The initial impression given by the analytics plots of daily returns, shown in Fig 2 below, is that the process may be somewhat predictable, given what appears to be a significant 1-order lag in the autocorrelation spectrum.  We also see evidence of the
    customary non-Gaussian “fat-tailed” distribution in the error process.

    An initial attempt to fit a standard Auto-Regressive Moving Average ARMA(1,0,1) model  yields disappointing results, with an unadjusted  model R-squared of only 7% (see model output in Appendix 1)

    However, by fitting a 2-state Markov model we are able to explain as much as 65% in the variation in the returns process (see Appendix II).
    The model estimates Markov Transition Probabilities as follows.

    P(.|1)       P(.|2)

    P(1|.)       0.93920      0.69781

    P(2|.)     0.060802      0.30219

    In other words, the process spends most of the time in State 1, switching to State 2 around once a month, as illustrated in Fig 3 below.


    In the first state, the  pairs model produces an expected daily return of around 65bp, with a standard deviation of similar magnitude.  In this state, the process also exhibits very significant auto-regressive and moving average features.

    Regime 1:

    Intercept                   0.00648     0.0009       7.2          0

    AR1                            0.92569    0.01897   48.797        0

    MA1                         -0.96264    0.02111   -45.601        0

    Error Variance^(1/2)           0.00666     0.0007

    In the second state, the pairs model  produces lower average returns, and with much greater variability, while the autoregressive and moving average terms are poorly determined.

    Regime 2:

    Intercept                    0.03554    0.04778    0.744    0.459

    AR1                            0.79349    0.06418   12.364        0

    MA1                         -0.76904    0.51601     -1.49   0.139

    Error Variance^(1/2)           0.01819     0.0031

    CONCLUSION
    The analysis in Appendix II suggests that the residual process is stable and Gaussian.  In other words, the two-state Markov model is able to account for the non-Normality of the returns process and extract the salient autoregressive and moving average features in a way that makes economic sense.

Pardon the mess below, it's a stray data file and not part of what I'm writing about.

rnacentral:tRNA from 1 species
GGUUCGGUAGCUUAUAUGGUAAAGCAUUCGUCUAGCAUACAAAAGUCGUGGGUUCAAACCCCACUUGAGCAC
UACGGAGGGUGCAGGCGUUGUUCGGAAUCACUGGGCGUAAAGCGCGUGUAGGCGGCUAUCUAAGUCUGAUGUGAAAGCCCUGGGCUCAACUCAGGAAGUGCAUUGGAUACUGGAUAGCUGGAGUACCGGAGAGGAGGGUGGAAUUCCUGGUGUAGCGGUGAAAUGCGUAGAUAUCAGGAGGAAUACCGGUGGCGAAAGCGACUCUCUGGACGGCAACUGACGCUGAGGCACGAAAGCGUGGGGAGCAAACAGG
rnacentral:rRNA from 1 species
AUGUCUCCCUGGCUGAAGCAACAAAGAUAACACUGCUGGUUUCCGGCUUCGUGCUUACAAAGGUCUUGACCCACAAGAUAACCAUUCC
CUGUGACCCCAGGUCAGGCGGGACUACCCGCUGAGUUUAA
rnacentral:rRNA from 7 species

How is this information useful?  Potentially in two ways:

    (i)     If the market state can be forecast successfully, we can use that information to increase our capital allocation during periods when the process is predicted to be in State 1, and reduce the allocation at times when it is in State 2.

    (ii)    By examining the timing of the Markov states and considering different features of the market during the contrasting periods, we might be able to identify additional explanatory factors that could be used to further enhance the trading model.

    Regime-Switching & Market State Modeling

    The Excel workbook referred to in this post can be downloaded here.

    Market state models are amongst the most useful analytical techniques that can be helpful in developing alpha-signal generators.  That term covers a great deal of ground, with ideas drawn from statistics, econometrics, physics and bioinformatics.  The purpose of this short note is to provide an introduction to some of the key ideas and suggest ways in which they might usefully applied in the context of researching and developing trading systems.

    Although they come from different origins, the concepts presented here share common foundational principles: 

    1. Markets operate in different states that may be characterized by various measures (volatility, correlation, microstructure, etc);
    2. Alpha signals can be generated more effectively by developing models that are adapted to take account of different market regimes;
    3. Alpha signals may be combined together effectively by taking account of the various states that a market may be in.

    Market state models have shown great promise is a variety of applications within the field of applied econometrics in finance, not only for price and market direction forecasting, but also basis trading, index arbitrage, statistical arbitrage, portfolio construction, capital allocation and risk management.